I looked around. Everyone seemed ok and the longboat was back on its hull, three quarters full of water but still floating quietly having tossed its contents out. We struggled over to the bank, a slippery wall of wet clay. I snapped off a picture before thinking, and then heard Yon say she’d struck her knee during the crash. An Englishman, the only other non-local on the boat, helped her ashore while Golda gathered up our bags, now floating around us. Then I noticed the captain of the boat, somehow upstream of me though he’d been steering from the rear. Shirtless now, he was duckdiving beyond the nose of the longboat. After a few moments, he came to the surface dragging something obviously very heavy.
It turned out to be the motor, not an outboard but a small engine with a long propshaft suitable for narrow river work. He lugged it ashore and water poured from every component, reeking of petrol and spilling a metallic blue sheen onto the brown water. We all gathered our wits. Stephen checked everyone was ok – we were, despite Yon’s throbbing knee. He seemed most shocked of all. In perhaps a thousand longboat rides in his long life in the Kelabit Highlands, this was his first ever capsizing. For us, not knowing what to expect, it could have been a daily occurrence.
The poor captain was mortified. He knew the word “sorry” and uttered it profusely. But we were all calm. It was an accident, and all of us could readily see that. Yon felt her knee was not permanently damaged. The Englishman had dropped his waterproof camera, but I had saved mine. In fact, we felt worse for the captain – here he was, a long way upstream, looking at a drenched and probably sand-ridden motor and a spilt cache of fuel, a precious commodity in a village where fuel comes by a long and winding forestry road. We did our best to put him at ease and quietly thanked our lucky stars no-one had drowned, caught under the boat had it totally gone over, or been hit by the falling motor which weighed more than a typical lawnmower. Yon and the Englishman helped bale out the longboat. There weren’t enough buckets for the rest of us.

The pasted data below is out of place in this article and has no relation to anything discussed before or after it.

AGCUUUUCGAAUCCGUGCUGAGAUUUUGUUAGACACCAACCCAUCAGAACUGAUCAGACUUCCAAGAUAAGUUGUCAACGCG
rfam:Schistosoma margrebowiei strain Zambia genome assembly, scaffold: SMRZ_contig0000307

Stephen broke out the inflatable canoes. Soaked in water, covered in mud, and still a bit bewildered, we got them ready and farewelled the longboat captain. He smiled and said “sorry”; we smiled and said “no, it’s ok!”; he went back to field stripping the motor, pouring water from a forlorn looking carburetor, or whatever it was.
And then we paddled back, riding the gentle current, bouncing over logs with a little concern at first given what had just happened and nonchalance by the end. It was quiet and peaceful without the motor, but hard to control. Our canoe spun circles and collided with the muddy banks as we got the hang of steering it. And before long we reached the end of the trip, back where we had met the longboat captain before. We dragged ourselves ashore, deflated the canoes, and humped them back to the car. Still Stephen seemed in shock. “We were very lucky”, he told me quietly, out of earshot of Yon and Golda (by design or otherwise I wasn’t sure). “The boat man is very sorry”.
Behind the valley floor, we climbed up a narrow path towards a few more remote settlements. Passing one, we heard ABBA’s “Mamma Mia” pumping through the forest. Upside or downside of globalisation? Depends who you ask, but it sounded like someone was having fun in that village.
Further uphill, deeper into the forest, we came to a small Penan settlement, noticeably far poorer than everywhere else. Just shanties on stilts. The people here were doing it tough. And yet, as almost always in such places around the world, the few people we saw were smiling and welcoming. They let us stand around, just near a chained up monkey, and watch what seemed to be an elder giving a younger man instruction in the use of the blowpipe. I couldn’t see what, if anything, they were aiming at up in the tree, but it must have been something. After a few darts zipped through the air, the younger man moved uphill a little and tried from a different angle.